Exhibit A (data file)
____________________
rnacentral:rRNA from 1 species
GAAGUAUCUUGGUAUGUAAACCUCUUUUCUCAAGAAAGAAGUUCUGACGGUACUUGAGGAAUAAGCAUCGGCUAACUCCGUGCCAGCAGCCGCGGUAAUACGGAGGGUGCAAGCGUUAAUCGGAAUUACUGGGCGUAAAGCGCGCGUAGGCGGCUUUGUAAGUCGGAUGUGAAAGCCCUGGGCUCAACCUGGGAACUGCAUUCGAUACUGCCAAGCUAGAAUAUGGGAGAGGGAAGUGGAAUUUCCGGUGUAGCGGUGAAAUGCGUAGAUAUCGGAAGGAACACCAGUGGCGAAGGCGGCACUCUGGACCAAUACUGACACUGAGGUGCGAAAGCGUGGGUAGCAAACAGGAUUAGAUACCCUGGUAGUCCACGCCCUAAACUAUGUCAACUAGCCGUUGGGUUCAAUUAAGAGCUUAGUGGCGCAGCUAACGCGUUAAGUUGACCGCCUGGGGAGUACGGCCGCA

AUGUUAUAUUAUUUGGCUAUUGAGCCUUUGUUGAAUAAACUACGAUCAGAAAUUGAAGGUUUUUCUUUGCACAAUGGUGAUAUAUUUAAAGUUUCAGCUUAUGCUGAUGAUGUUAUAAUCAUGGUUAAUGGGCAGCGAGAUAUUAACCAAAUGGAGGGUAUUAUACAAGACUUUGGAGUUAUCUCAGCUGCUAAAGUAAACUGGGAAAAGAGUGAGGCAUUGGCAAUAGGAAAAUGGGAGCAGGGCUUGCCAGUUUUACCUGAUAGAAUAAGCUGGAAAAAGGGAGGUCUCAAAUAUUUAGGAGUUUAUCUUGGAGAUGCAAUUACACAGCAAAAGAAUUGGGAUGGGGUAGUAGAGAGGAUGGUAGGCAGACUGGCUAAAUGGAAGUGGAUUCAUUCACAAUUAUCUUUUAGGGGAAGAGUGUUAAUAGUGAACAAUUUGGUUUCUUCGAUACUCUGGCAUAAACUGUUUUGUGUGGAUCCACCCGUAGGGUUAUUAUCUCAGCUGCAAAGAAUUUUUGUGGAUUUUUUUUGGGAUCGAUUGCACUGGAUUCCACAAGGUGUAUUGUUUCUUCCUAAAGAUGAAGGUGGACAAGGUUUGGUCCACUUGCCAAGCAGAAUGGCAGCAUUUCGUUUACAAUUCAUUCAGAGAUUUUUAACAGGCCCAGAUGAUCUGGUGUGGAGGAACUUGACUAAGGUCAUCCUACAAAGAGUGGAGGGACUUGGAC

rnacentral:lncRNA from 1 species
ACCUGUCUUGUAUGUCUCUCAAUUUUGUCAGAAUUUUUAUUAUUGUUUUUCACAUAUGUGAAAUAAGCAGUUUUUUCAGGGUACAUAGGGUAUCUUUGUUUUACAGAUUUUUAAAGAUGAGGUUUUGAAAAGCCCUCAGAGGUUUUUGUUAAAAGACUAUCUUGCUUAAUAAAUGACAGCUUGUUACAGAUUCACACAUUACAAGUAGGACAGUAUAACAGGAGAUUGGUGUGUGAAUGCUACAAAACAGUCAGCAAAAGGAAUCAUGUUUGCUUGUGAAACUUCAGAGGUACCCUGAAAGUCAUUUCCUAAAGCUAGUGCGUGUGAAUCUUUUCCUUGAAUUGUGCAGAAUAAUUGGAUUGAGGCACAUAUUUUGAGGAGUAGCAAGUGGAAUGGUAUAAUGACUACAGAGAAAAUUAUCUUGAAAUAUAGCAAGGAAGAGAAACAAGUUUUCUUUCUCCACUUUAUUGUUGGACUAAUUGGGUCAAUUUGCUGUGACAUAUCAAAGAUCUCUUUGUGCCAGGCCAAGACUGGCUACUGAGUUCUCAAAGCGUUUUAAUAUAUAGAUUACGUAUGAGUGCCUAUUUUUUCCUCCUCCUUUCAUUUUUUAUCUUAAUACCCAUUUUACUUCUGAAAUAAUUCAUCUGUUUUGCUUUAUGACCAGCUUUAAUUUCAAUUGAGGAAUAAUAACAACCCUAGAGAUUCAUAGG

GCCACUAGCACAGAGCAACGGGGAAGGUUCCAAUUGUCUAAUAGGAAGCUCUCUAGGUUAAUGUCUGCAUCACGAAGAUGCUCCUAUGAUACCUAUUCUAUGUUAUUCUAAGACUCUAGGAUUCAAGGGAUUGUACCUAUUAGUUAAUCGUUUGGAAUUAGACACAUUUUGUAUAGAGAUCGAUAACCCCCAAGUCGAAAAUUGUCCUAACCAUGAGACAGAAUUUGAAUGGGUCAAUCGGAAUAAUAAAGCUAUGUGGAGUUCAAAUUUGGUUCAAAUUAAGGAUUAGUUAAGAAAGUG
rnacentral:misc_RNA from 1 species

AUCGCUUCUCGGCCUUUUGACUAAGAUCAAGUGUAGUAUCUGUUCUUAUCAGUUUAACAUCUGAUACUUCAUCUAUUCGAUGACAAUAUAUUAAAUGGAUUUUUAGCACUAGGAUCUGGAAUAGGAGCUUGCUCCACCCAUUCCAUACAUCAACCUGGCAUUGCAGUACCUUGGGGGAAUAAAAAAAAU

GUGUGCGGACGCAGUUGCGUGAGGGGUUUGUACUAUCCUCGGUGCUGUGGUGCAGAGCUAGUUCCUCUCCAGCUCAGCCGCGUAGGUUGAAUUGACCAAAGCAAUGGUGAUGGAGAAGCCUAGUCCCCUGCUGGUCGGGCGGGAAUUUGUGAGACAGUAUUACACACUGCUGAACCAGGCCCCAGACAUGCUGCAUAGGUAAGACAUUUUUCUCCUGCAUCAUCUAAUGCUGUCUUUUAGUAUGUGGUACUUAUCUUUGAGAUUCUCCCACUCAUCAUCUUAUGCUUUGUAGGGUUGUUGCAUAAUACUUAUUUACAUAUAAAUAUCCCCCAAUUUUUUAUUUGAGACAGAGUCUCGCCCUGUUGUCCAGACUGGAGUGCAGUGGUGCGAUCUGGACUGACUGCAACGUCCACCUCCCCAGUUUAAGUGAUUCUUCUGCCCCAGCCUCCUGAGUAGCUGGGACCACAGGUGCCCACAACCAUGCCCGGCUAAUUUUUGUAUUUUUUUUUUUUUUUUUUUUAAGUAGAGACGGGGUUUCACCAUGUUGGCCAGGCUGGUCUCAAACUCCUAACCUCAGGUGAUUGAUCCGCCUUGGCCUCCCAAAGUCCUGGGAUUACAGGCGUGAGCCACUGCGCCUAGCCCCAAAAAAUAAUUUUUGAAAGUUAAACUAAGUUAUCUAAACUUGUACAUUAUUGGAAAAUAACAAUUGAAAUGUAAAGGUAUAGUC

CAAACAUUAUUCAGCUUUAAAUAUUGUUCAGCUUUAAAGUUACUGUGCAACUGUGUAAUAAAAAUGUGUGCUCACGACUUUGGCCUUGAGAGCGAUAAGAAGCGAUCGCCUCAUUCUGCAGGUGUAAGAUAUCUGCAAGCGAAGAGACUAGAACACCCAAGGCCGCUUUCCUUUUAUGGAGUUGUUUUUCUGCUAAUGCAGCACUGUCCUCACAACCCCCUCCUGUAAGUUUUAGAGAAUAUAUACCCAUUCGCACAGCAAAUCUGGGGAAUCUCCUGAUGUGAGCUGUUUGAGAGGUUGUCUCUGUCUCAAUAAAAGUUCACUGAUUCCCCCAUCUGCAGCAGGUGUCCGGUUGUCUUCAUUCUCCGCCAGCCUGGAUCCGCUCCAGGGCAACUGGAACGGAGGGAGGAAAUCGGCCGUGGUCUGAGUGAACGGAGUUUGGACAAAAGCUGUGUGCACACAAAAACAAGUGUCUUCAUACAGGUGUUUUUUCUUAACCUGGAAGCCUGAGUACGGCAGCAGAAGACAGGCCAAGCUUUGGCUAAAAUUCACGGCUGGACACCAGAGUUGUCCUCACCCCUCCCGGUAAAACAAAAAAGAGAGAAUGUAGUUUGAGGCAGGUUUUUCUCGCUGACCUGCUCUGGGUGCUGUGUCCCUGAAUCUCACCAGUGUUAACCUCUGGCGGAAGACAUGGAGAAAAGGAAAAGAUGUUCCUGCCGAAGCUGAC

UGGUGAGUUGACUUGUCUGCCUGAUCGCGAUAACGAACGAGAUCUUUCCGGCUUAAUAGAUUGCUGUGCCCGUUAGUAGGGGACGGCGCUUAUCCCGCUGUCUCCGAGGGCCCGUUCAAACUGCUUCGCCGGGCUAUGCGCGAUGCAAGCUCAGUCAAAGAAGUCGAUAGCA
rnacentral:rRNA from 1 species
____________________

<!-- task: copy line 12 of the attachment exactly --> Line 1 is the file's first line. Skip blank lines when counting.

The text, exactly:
rnacentral:rRNA from 1 species